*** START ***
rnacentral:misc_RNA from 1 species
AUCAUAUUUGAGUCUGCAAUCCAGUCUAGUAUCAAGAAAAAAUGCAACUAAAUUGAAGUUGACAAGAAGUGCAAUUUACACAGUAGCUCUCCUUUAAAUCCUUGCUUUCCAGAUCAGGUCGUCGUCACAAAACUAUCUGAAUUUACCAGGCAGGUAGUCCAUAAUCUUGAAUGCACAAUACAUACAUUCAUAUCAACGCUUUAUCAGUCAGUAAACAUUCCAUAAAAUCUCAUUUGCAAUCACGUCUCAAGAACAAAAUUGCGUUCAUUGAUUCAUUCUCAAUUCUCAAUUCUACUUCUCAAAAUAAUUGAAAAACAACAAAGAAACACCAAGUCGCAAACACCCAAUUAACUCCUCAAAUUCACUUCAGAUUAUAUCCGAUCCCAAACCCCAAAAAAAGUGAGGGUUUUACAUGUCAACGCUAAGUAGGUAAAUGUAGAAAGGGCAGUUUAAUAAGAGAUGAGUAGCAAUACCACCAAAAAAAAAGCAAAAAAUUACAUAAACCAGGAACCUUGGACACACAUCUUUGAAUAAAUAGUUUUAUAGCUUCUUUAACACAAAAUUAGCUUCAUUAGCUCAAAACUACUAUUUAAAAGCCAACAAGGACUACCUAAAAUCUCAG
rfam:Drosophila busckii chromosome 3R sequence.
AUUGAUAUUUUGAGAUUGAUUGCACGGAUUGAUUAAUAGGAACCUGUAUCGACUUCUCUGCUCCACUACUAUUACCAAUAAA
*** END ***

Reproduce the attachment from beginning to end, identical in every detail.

rnacentral:misc_RNA from 1 species
AUCAUAUUUGAGUCUGCAAUCCAGUCUAGUAUCAAGAAAAAAUGCAACUAAAUUGAAGUUGACAAGAAGUGCAAUUUACACAGUAGCUCUCCUUUAAAUCCUUGCUUUCCAGAUCAGGUCGUCGUCACAAAACUAUCUGAAUUUACCAGGCAGGUAGUCCAUAAUCUUGAAUGCACAAUACAUACAUUCAUAUCAACGCUUUAUCAGUCAGUAAACAUUCCAUAAAAUCUCAUUUGCAAUCACGUCUCAAGAACAAAAUUGCGUUCAUUGAUUCAUUCUCAAUUCUCAAUUCUACUUCUCAAAAUAAUUGAAAAACAACAAAGAAACACCAAGUCGCAAACACCCAAUUAACUCCUCAAAUUCACUUCAGAUUAUAUCCGAUCCCAAACCCCAAAAAAAGUGAGGGUUUUACAUGUCAACGCUAAGUAGGUAAAUGUAGAAAGGGCAGUUUAAUAAGAGAUGAGUAGCAAUACCACCAAAAAAAAAGCAAAAAAUUACAUAAACCAGGAACCUUGGACACACAUCUUUGAAUAAAUAGUUUUAUAGCUUCUUUAACACAAAAUUAGCUUCAUUAGCUCAAAACUACUAUUUAAAAGCCAACAAGGACUACCUAAAAUCUCAG
rfam:Drosophila busckii chromosome 3R sequence.
AUUGAUAUUUUGAGAUUGAUUGCACGGAUUGAUUAAUAGGAACCUGUAUCGACUUCUCUGCUCCACUACUAUUACCAAUAAA